Singapore’s relationship with neighbouring Indonesia has grown in strength and maturity, as Indonesia’s ratification of several bilateral agreements puts them into effect.
Among the agreements are a defence pact, an extradition treaty, as well as the Flight Information Region (FIR) agreement.
Closer cooperation for defence and combating crime
The 25-year long Defence Cooperation Agreement deepens the strategic relationship between both countries’ armed forces, with the SAF continuing to conduct military exercises in training areas in Indonesia. Together with the Treaty for the Extradition of Fugitives, it sends a signal for the stability and safety of the region.
The extradition treaty allows extradition of fugitives of over 30 offences, including money laundering, corruption, narcotics, bribery, and terrorism funding. This means that fugitives who flee across the border can be brought back to face justice in the jurisdiction where the crime was committed.
It also allows extradition requests to be made based on the citizenship status of the accused at the time the offense occurred, closing a legal loophole that saw fugitives change citizenship to evade prosecution.
Decades-long flight information region issue resolved
FIRs are a region of airspace delegated by the International Civil Aviation Organization (ICAO) for the supply of air traffic service. This is vital for the safe and efficient conduct of flight in the airspace.
Since 1946, Singapore has had operational responsibility for the FIR above the Riau Islands due to Singapore’s advanced technology and infrastructure. Indonesia has long wanted to take control of it, while Singapore has maintained that the issue is not one of sovereignty but of safety and efficiency.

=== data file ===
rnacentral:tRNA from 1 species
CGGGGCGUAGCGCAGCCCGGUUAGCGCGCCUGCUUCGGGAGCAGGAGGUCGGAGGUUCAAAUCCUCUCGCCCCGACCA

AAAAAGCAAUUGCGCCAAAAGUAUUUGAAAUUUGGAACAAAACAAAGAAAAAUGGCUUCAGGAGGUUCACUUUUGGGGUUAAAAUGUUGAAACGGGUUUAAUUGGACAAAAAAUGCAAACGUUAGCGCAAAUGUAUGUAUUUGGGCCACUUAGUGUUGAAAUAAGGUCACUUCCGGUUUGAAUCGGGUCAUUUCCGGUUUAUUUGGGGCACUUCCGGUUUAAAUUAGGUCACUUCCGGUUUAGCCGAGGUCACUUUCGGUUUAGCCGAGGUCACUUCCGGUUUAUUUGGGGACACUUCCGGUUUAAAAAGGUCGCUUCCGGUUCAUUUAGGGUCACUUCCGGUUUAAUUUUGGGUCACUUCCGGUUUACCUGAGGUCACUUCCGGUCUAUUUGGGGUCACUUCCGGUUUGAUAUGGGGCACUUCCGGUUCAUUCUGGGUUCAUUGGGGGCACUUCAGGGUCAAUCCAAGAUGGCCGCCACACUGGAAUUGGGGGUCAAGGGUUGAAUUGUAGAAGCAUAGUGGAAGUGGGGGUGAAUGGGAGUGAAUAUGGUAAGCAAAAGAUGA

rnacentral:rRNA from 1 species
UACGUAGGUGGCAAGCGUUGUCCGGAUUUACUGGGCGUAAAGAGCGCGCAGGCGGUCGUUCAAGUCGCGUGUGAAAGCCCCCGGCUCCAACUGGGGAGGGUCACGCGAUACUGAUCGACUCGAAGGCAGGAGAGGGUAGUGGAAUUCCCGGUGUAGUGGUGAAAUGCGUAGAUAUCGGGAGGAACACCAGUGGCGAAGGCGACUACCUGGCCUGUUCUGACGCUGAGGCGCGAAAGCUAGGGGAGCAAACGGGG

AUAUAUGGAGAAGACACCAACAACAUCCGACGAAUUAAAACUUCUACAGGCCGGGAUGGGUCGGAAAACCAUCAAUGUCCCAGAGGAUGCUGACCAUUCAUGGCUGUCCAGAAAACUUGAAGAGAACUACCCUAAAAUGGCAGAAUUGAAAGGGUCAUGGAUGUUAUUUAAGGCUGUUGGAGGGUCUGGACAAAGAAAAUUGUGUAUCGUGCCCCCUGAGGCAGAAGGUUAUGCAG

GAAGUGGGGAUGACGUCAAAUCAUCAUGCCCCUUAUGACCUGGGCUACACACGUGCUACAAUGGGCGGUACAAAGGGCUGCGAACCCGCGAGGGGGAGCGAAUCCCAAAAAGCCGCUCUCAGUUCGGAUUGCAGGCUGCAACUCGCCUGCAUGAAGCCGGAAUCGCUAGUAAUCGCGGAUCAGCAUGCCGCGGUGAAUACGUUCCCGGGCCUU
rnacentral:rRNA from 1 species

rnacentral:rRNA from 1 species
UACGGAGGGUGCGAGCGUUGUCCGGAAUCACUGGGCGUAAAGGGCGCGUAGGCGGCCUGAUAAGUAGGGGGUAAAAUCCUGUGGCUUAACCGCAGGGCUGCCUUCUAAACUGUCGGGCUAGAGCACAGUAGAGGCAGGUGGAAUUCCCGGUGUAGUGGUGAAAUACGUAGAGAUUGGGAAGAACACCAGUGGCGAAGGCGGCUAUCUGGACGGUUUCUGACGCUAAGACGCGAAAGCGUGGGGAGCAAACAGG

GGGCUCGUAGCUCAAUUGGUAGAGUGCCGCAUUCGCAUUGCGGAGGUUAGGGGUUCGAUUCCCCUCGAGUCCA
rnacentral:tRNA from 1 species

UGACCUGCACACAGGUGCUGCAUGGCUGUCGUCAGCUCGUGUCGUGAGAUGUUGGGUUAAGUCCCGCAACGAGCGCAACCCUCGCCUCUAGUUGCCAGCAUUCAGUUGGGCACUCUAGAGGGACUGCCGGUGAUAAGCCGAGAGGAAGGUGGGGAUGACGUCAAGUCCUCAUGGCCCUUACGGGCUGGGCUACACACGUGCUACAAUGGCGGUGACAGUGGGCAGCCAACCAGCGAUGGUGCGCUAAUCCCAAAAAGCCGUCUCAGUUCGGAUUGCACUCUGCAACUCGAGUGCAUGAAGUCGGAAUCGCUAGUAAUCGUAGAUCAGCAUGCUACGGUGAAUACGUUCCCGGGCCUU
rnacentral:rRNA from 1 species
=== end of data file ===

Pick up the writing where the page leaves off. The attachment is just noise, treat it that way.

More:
Under the new treaty, the FIR boundaries will be adjusted to more closely match the territorial borders of the two nations. For the next 25 years, Indonesia will also delegate the provision of air navigation services to Singapore, subject to extension by mutual consent.
New areas of cooperation to come
Prime Minister Lee Hsien Loong, who witnessed the signing of these agreements with Indonesian President Joko Widodo back in 2022, welcomed the ratification of the agreements on a Facebook post.
In yet another sign of the robust relationship between the two nations, Indonesian Vice President Ma’ruf Amin visited the Singaporean President Halimah Yacob at the Istana on Monday.
He expressed his appreciation for the completion of the three bilateral agreements, describing them as “further improv[ing] the cooperation between the two countries.” He also highlighted the potential for his country to work closely with Singapore in the halal and Islamic finance industries in the future.
With some decades-long issues finally resolved mutually, Indonesian commentators have described the occasion as a new chapter in the diplomatic history between Singapore and Indonesia.